A look back at the FN’s historical roots, however, tells a different story. The FN was not originally founded by Le Pen, but rather formed from the remnants of a neo-fascist, anti-immigrant group called Ordre Nouveau, which picked Le Pen to lead the new party. Even though he had been an MP, he was not fully active in politics at the time and had been waiting for an opportunity to dive back in. In 1973, he took control of the FN, which allowed him to start building the party into a political engine to fuel his own ambitions. He was helped by a number of radical politicians, including those in Ordre Nouveau, most of them long-since vanished from the limelight.
The story Le Pen peddles asserts how essential he is to the FN’s fundamental identity. He has undoubtedly embedded his family’s name in the party’s firmament over the past 40 years. Under Jean-Marie, the FN also transformed into a family business, at one point involving all of his three daughters. Today, only Marine, Yann (Jean-Marie’s second daughter), and the latter’s 25-year-old daughter Marion (also one of the FN’s two members of parliament), are still closely involved in the party organization.
But Jean-Marie Le Pen’s virtual inseparability from the FN will make Marine Le Pen’s ongoing project all the more difficult. Since taking over, she has been trying to detoxify the party to build it into a nationalist, anti-European Union vote-winning machine. She has, for instance, appropriated the old FN slogan “French people first” as her own. Last May, the FN won a record 24 seats of France’s 74 for the European parliament. But despite its allusions to the glories of old, the “new” FN has had limited electoral success, holding just two seats in the National Assembly and two in the Senate.
Under Marine, the FN has restocked its bureaucracy with fresh-faced cadres, free of the elder Le Pen’s baggage. That’s included prominent figures like Florian Philippot, 33, a former adviser to center-right movements who now serves as the FN’s vice president, and Nicolas Bay, 37, the party’s general secretary. To sideline the old guard and reassure some of the more moderate electors, Marine also created her own personal brand during the 2012 presidential campaign (where she ran for the first time in place of her father): “Blue Marine,” aimed chiefly at expanding her electoral base beyond the FN while keeping the party organization under her iron fist.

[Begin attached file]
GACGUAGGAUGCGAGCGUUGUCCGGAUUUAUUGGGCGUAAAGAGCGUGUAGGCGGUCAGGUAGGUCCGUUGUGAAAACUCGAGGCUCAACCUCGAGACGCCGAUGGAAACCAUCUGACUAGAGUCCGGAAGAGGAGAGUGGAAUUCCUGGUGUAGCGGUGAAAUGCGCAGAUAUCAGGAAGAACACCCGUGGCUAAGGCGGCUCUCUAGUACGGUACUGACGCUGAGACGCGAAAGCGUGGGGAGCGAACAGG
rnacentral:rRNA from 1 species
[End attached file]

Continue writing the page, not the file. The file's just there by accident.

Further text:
The latest row between father and daughter includes all the ingredients of Greek tragedy: inflamed rhetoric, betrayal, repudiation, and (political) parricide. “In the interest of France, I am supporting Marion Maréchal-Le Pen to lead the FN list in the regional elections,” Jean-Marie Le Pen said in a statement about his grand-daughter, who now seems poised to lead the FN list in the southern region of Provence Alpes-Côte d’Azur. Publicly supporting Marion while breaking with Marine was the only way for him to step out without losing face. Le Pen père has fewer supporters within the party he built, many of them having passed away or retired from politics. But he can still count on old-guard friends like Bruno Gollnisch, who alluded to a possible run against Marion Le Pen on his blog. “Marion is the most popular, but I would probably favor Gollnisch who is more experienced,” said Le Pen.
What will happen to the FN once the dust has settled? After the Mégret split in 1998, the party lost much of its steam, along with half of its seats in the European Parliament in 1999. This time, the new generation is in place: not just Marine and Marion, but also the young party officials who have been hired by the new leader since 2011.
Both of France’s main parties, the center-right Union pour la Majorité Populaire (UMP) and the ruling center-left Socialist Party, have been celebrating the decline of the FN over the past few weeks. Jean-Christophe Cambadélis, the general secretary of the Socialist Party, joked on April 9 that “Marine is ready to kill her father to reach power.” Three days later, UMP President Nicolas Sarkozy asked: “Can you imagine a 2017 election where the two second-round candidates will be François Hollande, this president who has promised so much and delivered so little, and Marine Le Pen, who after lecturing all of us is now imposing on us this pathetic family reality show?”
Perhaps they shouldn’t be so quick to gloat. The FN may yet pick up the pieces. It is hard to predict the final line up of candidates — much less the state of the economy or the climate regarding immigrants — by the time the 2017 election season begins. Despite the serious family row, it is still possible for Marine to make it to the second round of the 2017 election, with or without her father’s support. A test of Marine Le Pen’s skills in driving her party towards power will be the next regional elections in December. By then, her father and his supporters might have reduced their ambitions.